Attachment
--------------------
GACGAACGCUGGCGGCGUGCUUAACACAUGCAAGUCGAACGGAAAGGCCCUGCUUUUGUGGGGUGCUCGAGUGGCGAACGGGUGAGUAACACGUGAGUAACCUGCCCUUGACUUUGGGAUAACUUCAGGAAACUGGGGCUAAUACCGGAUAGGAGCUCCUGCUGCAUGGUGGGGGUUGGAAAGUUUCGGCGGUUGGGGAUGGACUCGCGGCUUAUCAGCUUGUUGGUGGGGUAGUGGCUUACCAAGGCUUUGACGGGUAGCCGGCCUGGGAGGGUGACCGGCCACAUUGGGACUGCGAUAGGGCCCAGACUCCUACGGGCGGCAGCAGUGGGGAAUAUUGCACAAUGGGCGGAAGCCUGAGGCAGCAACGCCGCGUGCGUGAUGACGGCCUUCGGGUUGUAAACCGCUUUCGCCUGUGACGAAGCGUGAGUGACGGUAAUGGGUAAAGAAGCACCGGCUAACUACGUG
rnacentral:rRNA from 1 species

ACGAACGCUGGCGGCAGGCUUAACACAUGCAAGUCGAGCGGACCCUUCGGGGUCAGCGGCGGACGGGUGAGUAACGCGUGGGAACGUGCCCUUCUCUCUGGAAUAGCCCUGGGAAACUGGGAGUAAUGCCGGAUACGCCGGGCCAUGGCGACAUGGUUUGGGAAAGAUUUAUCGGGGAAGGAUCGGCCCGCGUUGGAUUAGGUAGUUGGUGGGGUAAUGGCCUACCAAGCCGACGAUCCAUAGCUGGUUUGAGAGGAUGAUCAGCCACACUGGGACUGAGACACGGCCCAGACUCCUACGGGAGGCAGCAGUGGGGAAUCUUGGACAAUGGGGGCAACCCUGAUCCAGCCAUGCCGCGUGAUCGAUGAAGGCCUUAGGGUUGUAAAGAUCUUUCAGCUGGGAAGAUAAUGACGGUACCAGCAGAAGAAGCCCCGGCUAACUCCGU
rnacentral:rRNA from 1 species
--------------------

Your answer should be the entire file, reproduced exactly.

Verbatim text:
GACGAACGCUGGCGGCGUGCUUAACACAUGCAAGUCGAACGGAAAGGCCCUGCUUUUGUGGGGUGCUCGAGUGGCGAACGGGUGAGUAACACGUGAGUAACCUGCCCUUGACUUUGGGAUAACUUCAGGAAACUGGGGCUAAUACCGGAUAGGAGCUCCUGCUGCAUGGUGGGGGUUGGAAAGUUUCGGCGGUUGGGGAUGGACUCGCGGCUUAUCAGCUUGUUGGUGGGGUAGUGGCUUACCAAGGCUUUGACGGGUAGCCGGCCUGGGAGGGUGACCGGCCACAUUGGGACUGCGAUAGGGCCCAGACUCCUACGGGCGGCAGCAGUGGGGAAUAUUGCACAAUGGGCGGAAGCCUGAGGCAGCAACGCCGCGUGCGUGAUGACGGCCUUCGGGUUGUAAACCGCUUUCGCCUGUGACGAAGCGUGAGUGACGGUAAUGGGUAAAGAAGCACCGGCUAACUACGUG
rnacentral:rRNA from 1 species

ACGAACGCUGGCGGCAGGCUUAACACAUGCAAGUCGAGCGGACCCUUCGGGGUCAGCGGCGGACGGGUGAGUAACGCGUGGGAACGUGCCCUUCUCUCUGGAAUAGCCCUGGGAAACUGGGAGUAAUGCCGGAUACGCCGGGCCAUGGCGACAUGGUUUGGGAAAGAUUUAUCGGGGAAGGAUCGGCCCGCGUUGGAUUAGGUAGUUGGUGGGGUAAUGGCCUACCAAGCCGACGAUCCAUAGCUGGUUUGAGAGGAUGAUCAGCCACACUGGGACUGAGACACGGCCCAGACUCCUACGGGAGGCAGCAGUGGGGAAUCUUGGACAAUGGGGGCAACCCUGAUCCAGCCAUGCCGCGUGAUCGAUGAAGGCCUUAGGGUUGUAAAGAUCUUUCAGCUGGGAAGAUAAUGACGGUACCAGCAGAAGAAGCCCCGGCUAACUCCGU
rnacentral:rRNA from 1 species